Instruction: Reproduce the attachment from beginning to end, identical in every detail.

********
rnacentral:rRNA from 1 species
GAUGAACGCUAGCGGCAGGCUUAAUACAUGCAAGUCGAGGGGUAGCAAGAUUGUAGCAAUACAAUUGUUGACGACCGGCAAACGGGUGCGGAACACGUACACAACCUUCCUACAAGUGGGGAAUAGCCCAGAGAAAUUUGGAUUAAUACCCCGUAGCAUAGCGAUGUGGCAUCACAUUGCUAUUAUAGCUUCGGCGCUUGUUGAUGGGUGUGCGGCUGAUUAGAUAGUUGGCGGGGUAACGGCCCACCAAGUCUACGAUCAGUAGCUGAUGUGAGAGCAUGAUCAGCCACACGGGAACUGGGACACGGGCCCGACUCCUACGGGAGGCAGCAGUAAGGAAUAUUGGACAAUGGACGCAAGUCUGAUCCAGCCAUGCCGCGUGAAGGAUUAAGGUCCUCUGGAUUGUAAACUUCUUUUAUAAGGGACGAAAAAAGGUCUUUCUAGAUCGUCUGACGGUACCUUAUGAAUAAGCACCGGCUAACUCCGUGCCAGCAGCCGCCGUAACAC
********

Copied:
rnacentral:rRNA from 1 species
GAUGAACGCUAGCGGCAGGCUUAAUACAUGCAAGUCGAGGGGUAGCAAGAUUGUAGCAAUACAAUUGUUGACGACCGGCAAACGGGUGCGGAACACGUACACAACCUUCCUACAAGUGGGGAAUAGCCCAGAGAAAUUUGGAUUAAUACCCCGUAGCAUAGCGAUGUGGCAUCACAUUGCUAUUAUAGCUUCGGCGCUUGUUGAUGGGUGUGCGGCUGAUUAGAUAGUUGGCGGGGUAACGGCCCACCAAGUCUACGAUCAGUAGCUGAUGUGAGAGCAUGAUCAGCCACACGGGAACUGGGACACGGGCCCGACUCCUACGGGAGGCAGCAGUAAGGAAUAUUGGACAAUGGACGCAAGUCUGAUCCAGCCAUGCCGCGUGAAGGAUUAAGGUCCUCUGGAUUGUAAACUUCUUUUAUAAGGGACGAAAAAAGGUCUUUCUAGAUCGUCUGACGGUACCUUAUGAAUAAGCACCGGCUAACUCCGUGCCAGCAGCCGCCGUAACAC